Apparently, the California Sex Offenders Management Board has seriously critiqued the existing restrictions, pointing out several flaws in them, the most obvious one being the fact that San Francisco's abundance of state and parks excludes sex offenders, basically, from the entire city save for Lake Merced and Hunters Point. As a result, many sex offenders live in the street, a situation that, according to Jill Levenson, leads to instability and thus might actually increase recidivism.
The article also mentions the fact that the residency requirements are not retroactively enforceable, and therefore do not apply to people placed on parole or probation before the law took effect in 2007. It does, however, apply to people imprisoned before its enactment, per the recent CA Supreme Court decision on the matter.
The challenge? Changing policies to make them more effective might be perceived as being soft on sex offenders, a position politicians can hardly afford to take regardless of their party affiliation (and therefore propose laws such as this one or this one.)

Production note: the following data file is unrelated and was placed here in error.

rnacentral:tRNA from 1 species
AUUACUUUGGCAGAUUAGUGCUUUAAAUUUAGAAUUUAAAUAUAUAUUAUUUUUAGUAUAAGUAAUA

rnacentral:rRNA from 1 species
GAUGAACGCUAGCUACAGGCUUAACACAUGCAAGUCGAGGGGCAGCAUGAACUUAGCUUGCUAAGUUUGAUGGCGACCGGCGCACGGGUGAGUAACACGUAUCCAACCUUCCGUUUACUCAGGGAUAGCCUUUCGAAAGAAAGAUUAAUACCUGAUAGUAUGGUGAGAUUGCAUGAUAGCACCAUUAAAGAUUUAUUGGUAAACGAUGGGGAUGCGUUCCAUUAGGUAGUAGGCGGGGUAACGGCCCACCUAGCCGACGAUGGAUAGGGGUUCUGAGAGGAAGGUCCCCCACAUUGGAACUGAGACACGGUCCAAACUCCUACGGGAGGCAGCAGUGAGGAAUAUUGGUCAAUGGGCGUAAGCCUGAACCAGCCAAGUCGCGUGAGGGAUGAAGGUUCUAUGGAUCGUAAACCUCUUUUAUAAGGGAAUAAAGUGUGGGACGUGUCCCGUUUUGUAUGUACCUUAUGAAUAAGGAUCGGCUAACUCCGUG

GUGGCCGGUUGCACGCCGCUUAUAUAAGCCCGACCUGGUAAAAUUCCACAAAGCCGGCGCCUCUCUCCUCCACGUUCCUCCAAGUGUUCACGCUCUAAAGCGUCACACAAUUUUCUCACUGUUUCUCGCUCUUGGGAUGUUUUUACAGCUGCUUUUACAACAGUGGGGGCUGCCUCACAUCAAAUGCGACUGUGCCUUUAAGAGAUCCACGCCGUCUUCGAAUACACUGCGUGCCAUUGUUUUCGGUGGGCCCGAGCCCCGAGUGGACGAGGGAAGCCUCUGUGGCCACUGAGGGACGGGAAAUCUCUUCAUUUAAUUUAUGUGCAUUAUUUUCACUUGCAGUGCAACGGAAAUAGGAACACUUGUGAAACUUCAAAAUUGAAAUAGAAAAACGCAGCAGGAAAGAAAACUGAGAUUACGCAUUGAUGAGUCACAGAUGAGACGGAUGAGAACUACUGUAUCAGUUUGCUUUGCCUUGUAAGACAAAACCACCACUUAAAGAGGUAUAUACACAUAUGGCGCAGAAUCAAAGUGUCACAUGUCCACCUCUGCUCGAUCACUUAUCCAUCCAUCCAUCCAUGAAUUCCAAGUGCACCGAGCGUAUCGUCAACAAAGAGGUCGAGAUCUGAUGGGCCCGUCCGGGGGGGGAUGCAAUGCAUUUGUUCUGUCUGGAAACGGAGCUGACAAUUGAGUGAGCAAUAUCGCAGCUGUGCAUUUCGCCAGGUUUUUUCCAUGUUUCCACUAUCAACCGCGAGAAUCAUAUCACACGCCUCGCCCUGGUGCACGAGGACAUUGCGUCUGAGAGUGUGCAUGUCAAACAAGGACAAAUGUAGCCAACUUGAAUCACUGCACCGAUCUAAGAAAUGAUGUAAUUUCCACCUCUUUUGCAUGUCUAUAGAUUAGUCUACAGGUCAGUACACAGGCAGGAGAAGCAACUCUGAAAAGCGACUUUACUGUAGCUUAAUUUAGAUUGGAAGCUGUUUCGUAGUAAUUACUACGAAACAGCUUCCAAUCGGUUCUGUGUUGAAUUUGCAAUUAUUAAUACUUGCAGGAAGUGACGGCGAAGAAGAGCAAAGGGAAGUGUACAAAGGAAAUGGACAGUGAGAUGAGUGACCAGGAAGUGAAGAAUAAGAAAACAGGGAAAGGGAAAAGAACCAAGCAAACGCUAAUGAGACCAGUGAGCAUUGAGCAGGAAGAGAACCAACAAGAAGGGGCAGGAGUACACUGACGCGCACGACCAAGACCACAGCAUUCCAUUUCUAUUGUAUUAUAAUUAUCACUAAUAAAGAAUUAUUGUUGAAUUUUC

Oh, and as a special bonus: We have not discussed the San Francisco Crime Lab scandal, which does not have a direct relationship to our coverage. But as it turns out, beyond lax supervision and cocaine theft from the drug lab, evidence is also in danger from an army of feral cats. I know this is a serious matter, which raises heavy concerns about due process and about the prosecutorial enterprise in general, but I could not resist: The picture below from the Sunday Chronicle is begging for a caption.